A criminal profiler in the film said he received paintings by Rogers with clues possibly linking him to the 1994 murders of Nicole Brown Simpson and her friend, Ronald Goldman. The profiler said Rogers sent him a painting of the murder weapon used in the slayings.
"I believe that Glen believes he killed them," said Anthony Meoli, an Atlanta criminal profiler who has received more than 1,000 letters from Rogers and has interviewed him in prison.
O.J. Simpson was accused in those killings but the so-called "trial of the century" in Los Angeles ended with his acquittal in 1995.
Much of the film is narrated by Rogers' brother, Clay Rogers, who used to rob homes with Glen Rogers as a teen, but in 1993 called police on his brother after finding a body at the family's Kentucky cabin.
Clay Rogers said that in 1994, weeks before the infamous murders, his brother told him about meeting Nicole Brown Simpson.
"They've got money, they're well off and I'm taking her down," Clay Rogers recalls Glen Rogers saying.
Other family members also said Glen Rogers talked about meeting Simpson's ex-wife.
In a statement, Goldman's sister criticized the documentary.
"I am appalled at the level of irresponsibility demonstrated by the network and the producers of this so-called documentary," Kim Goldman said. "This is the first time we are hearing about this story, and considering that their 'main character,' Glen Rogers, confessed to stabbing my brother and Nicole to death, you would think we would be in the loop."
Mr. Meoli said Rogers told him that O.J. Simpson paid him to break into Nicole Brown Simpson's house to steal a pair of $20,000 earrings. Other clues, Mr. Meoli said, were that Rogers drove a white pickup for his construction job — a white pickup was seen near the Simpson house on the day of the murders — and that a second bloody footprint at the scene was never identified.
"All those things put together a plausible alternative theory," Mr. Meoli said.
At least one detective who interviewed Rogers, though, said the convicted killer is lying in a misguided effort to get off death row.
Rejected by ABC Family, comedian turns to Internet
Jake Sasseville had it all planned out: He'd been working for a year on a TV show based on his life, and he was going to get it on the air in a unique fashion -- by buying network time.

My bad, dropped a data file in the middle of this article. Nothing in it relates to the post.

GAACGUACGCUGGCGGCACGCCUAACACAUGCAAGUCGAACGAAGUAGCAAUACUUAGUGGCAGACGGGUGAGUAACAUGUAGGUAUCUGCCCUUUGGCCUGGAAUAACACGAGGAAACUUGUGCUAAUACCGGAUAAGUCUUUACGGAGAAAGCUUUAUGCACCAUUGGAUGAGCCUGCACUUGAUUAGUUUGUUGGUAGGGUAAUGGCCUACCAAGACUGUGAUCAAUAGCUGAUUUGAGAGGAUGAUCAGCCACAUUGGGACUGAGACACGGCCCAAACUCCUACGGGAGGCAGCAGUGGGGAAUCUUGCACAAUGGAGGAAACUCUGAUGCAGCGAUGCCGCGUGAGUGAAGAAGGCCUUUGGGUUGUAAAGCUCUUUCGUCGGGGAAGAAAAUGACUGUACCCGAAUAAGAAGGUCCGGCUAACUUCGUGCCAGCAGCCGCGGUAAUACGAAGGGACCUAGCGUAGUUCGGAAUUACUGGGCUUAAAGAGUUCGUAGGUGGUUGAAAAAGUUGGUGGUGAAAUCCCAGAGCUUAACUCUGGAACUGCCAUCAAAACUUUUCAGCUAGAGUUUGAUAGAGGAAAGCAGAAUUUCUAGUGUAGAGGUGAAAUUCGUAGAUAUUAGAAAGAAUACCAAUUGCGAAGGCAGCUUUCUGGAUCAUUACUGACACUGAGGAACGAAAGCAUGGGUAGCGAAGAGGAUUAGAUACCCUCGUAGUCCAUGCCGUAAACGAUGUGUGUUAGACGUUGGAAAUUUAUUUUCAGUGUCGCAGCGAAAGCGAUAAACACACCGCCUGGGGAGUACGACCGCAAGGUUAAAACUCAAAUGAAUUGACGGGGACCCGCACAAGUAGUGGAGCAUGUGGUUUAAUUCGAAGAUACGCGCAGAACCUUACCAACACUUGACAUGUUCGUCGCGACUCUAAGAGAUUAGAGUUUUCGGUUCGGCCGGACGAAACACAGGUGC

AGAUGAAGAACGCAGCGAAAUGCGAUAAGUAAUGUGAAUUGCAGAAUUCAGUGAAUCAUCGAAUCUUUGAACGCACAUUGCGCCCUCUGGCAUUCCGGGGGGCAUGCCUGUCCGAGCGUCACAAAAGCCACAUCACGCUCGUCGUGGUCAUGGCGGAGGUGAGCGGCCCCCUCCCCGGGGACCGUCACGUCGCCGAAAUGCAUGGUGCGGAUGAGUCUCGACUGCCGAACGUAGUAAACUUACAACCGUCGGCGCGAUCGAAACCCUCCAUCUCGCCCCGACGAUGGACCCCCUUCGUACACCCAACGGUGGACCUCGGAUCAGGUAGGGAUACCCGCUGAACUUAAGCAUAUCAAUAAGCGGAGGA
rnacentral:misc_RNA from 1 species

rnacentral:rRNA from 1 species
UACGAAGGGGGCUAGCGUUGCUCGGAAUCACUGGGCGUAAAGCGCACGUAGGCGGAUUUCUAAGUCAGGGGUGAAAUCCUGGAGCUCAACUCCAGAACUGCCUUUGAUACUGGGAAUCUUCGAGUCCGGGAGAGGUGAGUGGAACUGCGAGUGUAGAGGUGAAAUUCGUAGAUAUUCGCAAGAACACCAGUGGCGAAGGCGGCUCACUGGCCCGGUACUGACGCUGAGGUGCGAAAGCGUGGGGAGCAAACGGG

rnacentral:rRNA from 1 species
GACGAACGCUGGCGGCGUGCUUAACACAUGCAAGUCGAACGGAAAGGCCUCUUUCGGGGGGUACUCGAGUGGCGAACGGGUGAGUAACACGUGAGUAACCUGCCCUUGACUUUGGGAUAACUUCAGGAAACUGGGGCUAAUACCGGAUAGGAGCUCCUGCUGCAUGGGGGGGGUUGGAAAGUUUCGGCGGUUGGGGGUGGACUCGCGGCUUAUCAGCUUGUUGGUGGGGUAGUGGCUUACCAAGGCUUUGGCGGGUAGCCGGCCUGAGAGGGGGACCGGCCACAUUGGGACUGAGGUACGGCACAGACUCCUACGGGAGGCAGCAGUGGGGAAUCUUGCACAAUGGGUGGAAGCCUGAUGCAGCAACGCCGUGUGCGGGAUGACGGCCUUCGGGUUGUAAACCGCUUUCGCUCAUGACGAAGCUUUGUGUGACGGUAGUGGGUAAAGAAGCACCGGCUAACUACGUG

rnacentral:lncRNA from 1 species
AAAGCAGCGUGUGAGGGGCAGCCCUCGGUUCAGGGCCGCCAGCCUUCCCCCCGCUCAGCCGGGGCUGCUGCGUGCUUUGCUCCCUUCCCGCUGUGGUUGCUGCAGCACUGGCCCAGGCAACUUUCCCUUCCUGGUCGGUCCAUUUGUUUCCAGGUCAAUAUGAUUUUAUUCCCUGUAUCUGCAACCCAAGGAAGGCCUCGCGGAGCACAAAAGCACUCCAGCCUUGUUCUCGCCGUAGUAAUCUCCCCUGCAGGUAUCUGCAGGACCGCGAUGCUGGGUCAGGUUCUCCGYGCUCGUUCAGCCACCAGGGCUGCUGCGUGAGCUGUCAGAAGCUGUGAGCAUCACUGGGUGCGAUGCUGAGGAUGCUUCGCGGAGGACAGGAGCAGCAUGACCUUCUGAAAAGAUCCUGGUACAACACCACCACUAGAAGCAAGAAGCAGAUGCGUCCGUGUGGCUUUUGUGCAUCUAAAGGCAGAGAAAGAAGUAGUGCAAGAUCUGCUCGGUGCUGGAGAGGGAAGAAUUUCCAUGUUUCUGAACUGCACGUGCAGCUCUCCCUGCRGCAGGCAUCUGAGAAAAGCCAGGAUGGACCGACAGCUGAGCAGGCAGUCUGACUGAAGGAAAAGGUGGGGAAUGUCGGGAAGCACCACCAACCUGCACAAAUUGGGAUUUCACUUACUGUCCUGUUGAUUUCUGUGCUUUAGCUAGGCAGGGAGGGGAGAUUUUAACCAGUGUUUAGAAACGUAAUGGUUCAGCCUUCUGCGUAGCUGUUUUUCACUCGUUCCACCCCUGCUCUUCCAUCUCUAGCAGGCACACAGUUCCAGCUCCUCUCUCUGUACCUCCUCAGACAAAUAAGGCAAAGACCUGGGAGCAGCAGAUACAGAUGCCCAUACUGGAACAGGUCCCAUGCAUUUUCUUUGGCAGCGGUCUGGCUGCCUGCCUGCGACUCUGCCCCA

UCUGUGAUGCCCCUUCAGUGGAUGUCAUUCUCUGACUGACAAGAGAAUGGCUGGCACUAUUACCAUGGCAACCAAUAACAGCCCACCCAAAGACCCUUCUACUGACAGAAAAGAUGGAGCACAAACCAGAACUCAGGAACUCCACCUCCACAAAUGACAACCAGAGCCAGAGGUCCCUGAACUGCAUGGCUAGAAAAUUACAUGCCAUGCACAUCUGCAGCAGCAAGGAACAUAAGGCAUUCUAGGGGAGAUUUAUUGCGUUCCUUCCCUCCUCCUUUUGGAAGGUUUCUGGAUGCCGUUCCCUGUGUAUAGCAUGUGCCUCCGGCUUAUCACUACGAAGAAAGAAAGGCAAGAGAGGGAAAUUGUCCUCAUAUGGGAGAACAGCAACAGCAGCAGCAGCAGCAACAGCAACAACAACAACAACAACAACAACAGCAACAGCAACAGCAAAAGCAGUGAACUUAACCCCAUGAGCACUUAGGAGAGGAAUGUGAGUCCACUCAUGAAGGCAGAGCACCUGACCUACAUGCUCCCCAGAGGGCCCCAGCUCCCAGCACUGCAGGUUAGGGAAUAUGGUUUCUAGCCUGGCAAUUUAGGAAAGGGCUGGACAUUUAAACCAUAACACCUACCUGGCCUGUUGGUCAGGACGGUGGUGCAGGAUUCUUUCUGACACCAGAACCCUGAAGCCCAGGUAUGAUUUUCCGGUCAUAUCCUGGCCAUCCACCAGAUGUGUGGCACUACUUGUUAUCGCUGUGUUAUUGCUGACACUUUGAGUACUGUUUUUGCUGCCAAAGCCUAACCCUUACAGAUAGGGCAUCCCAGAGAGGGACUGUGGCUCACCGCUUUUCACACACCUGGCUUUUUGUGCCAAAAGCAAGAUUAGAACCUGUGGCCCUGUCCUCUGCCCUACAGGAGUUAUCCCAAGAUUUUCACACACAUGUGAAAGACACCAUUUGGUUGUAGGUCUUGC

He purchased eight 30-minute blocks on ABC Family to launch "Delusions of Grandeur." It was set to debut at 1 a.m. Oct. 4, but the network pulled it two weeks before, Mr. Sasseville said.
"I got a ton of emails from the legal team who all of a sudden chose that the show was not going to air," the 26-year-old said of the show, which has found on home on Blip, a website for original series. "And this was after I paid for the time."
ABC Family, which is owned by Disney, said in a statement that Mr. Sasseville's show didn't air "because it did not meet our standards for programming for time buy purchases." According to The Associated Press, the network didn't provide details. Mr. Sasseville received a refund.
Mr. Sasseville was using the time buy and paid programming format, where the purchaser buys airtime and gets sponsors, but the network retains control. He used the format for "The Edge With Jake Sasseville" in 2008, which aired on ABC affiliates following "Jimmy Kimmel Live," and for "Late Night Republic," which aired on MyNetworkTV and Fox stations from August 2010 to October 2011.
He said he funded both programs through sponsorships with Overstock.com, Ford Motor Co., Microsoft Corp. and others.
"Delusions of Grandeur," a loosely scripted comedy about the actor-comedian's life and his successes and failures in the TV industry, debuted Oct. 3 on Blip. So far, five 30-minute episodes have aired.